Jean Zapata had obtained a court order that restricted his time with the children in the home to two hours on Saturday mornings.

His employment records at the state Department of Transportation indicate he worked from 7:45 to 8:45 a.m. the day she disappeared, was off work the following day, Oct. 12, and then came in to work at 12:30 p.m. Oct. 13.

He told police he took Oct. 12 off to care for his children at home, but investigators verified the children were at school.

Zapata did not respond to messages from the State Journal asking for an interview. In a 1987 State Journal article, he said he believed his former wife ran away.

“It may have been just the pressure of it because I filed for custody of the kids,” Zapata said then. “She was a very strong-willed person. If she made up her mind that she wanted to disappear, she could do it.”

Investigators suspected Zapata, but lacking leads they had shelved the case.

It was reactivated a year ago after one of Jean Zapata’s childhood friends called asking about its status, Snyder said.

New detection techniques, including “cadaver dogs” that can find faint odors of human remains, pushed the investigation forward.

According to court documents, dogs twice signaled that they had found the scent of human remains in an unused basement crawl space at the Zapatas’ former home on Indian Trace, and a human hair was excavated. Police will not say whether test results indicate that it belonged to Jean Zapata.

Eugene Zapata sold the house in 1997. In 2001, he moved to Nevada. He rented a storage facility in Sun Prairie that year and listed its contents as “boxes, mixture of son’s and parent’s stuff.”
According to the search warrant:

On April 13, 2005, police left a message for Eugene Zapata with his wife in Nevada. The next day, the locker’s key was returned to U-Store Mini Storage in Sun Prairie. The empty locker remained locked until Aug. 10 and 11 when police opened it.

Dogs detected the scent of decomposing or decomposed human remains inside and around the locker, the search warrant indicates. That prompted a search of four acres in rural Juneau County owned by Zapata since 1978.

Nothing was found on the land, which was for sale.

Snyder stopped short Thursday of saying he believes Jean Zapata was murdered by her husband and could not predict if an arrest was imminent.

But he did say he believes she met with foul play and her husband is the only suspect.

The McCanns’ lawyers used the Zapata case to indicate an example of how a seemingly innocent man, can be incriminated by the cadaver dog evidence.

Madeleine: McCanns consult American lawyers over ‘cadaver dog’ evidence

Daily Mail Last updated at 18:07 16 September 2007 (Link to original article here)

Kate and Gerry McCann’s legal team have consulted the lawyers of an American man accused of murdering his estranged wife in a case where cadaver dog evidence was key, a source said today.

Two British sniffer dogs, one capable of detecting blood and human remains, were brought to Portugal in early August.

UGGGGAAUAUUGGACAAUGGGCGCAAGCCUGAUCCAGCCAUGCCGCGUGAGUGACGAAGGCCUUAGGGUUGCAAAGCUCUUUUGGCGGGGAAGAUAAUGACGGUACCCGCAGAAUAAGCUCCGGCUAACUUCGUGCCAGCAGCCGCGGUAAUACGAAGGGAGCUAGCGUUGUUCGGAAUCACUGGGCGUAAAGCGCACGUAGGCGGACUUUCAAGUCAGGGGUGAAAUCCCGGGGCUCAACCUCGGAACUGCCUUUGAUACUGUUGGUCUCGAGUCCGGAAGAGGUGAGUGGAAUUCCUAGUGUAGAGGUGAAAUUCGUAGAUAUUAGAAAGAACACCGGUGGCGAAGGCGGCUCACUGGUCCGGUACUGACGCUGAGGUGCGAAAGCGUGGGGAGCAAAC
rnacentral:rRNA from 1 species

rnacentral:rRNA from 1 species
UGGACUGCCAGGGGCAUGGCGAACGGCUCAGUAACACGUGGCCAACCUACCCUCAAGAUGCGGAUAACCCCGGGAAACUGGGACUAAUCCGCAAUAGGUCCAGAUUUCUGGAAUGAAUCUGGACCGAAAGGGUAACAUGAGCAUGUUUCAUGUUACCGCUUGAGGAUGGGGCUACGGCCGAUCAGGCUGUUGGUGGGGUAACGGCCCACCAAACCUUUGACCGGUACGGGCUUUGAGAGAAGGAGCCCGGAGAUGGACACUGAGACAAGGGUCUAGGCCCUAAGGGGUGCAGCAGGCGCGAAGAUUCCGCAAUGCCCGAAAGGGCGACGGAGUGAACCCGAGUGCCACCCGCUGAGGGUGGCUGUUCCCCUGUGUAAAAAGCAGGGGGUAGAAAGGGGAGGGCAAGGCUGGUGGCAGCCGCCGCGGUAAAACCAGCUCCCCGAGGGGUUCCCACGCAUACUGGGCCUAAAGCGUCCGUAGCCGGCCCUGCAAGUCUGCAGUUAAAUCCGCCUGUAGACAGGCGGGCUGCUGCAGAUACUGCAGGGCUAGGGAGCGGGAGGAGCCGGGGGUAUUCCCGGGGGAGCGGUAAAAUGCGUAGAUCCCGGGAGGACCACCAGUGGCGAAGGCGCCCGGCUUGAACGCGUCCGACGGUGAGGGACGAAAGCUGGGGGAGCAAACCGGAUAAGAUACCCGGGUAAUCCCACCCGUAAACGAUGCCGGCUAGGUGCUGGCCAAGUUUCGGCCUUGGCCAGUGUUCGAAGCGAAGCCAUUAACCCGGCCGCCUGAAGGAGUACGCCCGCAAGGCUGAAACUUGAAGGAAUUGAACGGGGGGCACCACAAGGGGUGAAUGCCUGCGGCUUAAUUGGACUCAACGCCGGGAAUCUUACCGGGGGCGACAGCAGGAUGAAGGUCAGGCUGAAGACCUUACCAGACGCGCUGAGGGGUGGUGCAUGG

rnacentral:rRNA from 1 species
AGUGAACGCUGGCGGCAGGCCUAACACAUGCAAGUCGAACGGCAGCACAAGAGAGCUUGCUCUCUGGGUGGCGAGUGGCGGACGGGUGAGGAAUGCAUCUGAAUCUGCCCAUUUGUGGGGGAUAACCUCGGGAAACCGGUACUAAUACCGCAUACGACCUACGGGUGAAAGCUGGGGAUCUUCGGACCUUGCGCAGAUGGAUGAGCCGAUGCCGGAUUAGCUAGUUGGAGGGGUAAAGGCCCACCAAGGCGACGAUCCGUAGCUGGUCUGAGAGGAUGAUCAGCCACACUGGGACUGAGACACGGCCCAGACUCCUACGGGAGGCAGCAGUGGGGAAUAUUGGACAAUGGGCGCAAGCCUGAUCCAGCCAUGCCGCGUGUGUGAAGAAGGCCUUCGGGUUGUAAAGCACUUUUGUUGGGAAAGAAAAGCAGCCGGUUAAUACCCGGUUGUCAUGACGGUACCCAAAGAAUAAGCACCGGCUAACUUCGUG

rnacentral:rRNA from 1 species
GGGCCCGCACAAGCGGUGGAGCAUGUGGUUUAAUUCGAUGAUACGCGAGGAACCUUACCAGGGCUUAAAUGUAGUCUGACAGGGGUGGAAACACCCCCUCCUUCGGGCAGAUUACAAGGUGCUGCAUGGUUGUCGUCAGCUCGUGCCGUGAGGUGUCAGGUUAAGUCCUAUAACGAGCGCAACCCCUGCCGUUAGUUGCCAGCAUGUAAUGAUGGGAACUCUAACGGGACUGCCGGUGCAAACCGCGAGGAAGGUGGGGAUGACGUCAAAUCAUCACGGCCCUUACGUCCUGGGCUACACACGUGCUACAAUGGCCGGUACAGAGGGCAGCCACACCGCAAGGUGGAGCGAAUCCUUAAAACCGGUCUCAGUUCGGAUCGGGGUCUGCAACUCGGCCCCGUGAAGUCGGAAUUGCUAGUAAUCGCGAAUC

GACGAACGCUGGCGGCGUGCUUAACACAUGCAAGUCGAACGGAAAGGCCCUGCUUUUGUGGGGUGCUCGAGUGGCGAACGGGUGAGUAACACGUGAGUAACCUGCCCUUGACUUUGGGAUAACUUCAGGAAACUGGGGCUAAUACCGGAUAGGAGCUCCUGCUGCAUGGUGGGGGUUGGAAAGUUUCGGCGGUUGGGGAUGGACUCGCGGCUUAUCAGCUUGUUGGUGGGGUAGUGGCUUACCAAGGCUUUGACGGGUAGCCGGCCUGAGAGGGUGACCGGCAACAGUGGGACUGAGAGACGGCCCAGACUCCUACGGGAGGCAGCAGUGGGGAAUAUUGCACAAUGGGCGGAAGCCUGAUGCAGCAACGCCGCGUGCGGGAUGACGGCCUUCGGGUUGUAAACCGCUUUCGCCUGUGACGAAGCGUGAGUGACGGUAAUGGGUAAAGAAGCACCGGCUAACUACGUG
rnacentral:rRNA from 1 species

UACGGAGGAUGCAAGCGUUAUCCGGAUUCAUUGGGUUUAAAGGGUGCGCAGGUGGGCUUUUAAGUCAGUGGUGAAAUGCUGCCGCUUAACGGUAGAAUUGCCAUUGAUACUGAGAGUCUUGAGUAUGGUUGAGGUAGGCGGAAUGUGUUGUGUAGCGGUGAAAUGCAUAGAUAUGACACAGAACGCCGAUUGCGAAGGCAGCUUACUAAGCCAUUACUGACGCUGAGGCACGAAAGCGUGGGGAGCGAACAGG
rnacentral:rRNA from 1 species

The cadaver dog picked up a “scent of death” on everything from Mrs McCann’s clothes to missing Madeleine’s favourite soft toy Cuddle Cat, according to reports.

During police interviews the McCanns were shown a video of the animal “going crazy” when it approached their Renault Scenic hire car, newspapers have claimed.

Leaked reports from the investigation have suggested Madeleine’s parents could have accidentally killed her and then disposed of her body using the car.

Although they do not know the full details of Portuguese prosecutors’ case against them, the McCanns are concerned it may rest on the dog’s reaction.

They want to highlight the judge’s dismissal of cadaver dog evidence in the high-profile Eugene Zapata murder trial in Madison, Wisconsin.

The couple’s lawyers have already contacted Zapata’s defence team, who are now sending their large file on the matter to Britain.

Zapata’s estranged wife, flight instructor Jeanette Zapata, was 37 when she vanished on October 11 1976 after seeing her three children off to school. Her body has never been found.

Detectives suspected Zapata of involvement in her disappearance but did not charge him because of a lack of evidence.

Police decided to conduct new searches using cadaver dogs, a new investigative technique, when an old friend of Mrs Zapata contacted them about the case in 2004.

Zapata, 68, was charged with first-degree murder last year after the dogs indicated they sniffed human remains in a small basement “crawl space” at the former family home in Madison and other properties linked to him.

But Dane County Judge Patrick Fiedler ruled last month that the evidence that led to the charge could not be put before the jury.

He said the dogs were too unreliable in detecting the odour of remains and noted that no remains were actually found.

The judge agreed with an analysis of the three dogs’ track record by Zapata’s defence team that found they were incorrect 78 per cent, 71 per cent and 62 per cent of the time.

According to the Wisconsin State Journal, Mr Fiedler told the court: “The state has failed to convince me that it’s any more reliable than the flip of a coin.” Zapata denies murder, and the jury in the case went out on Friday to start considering its verdict.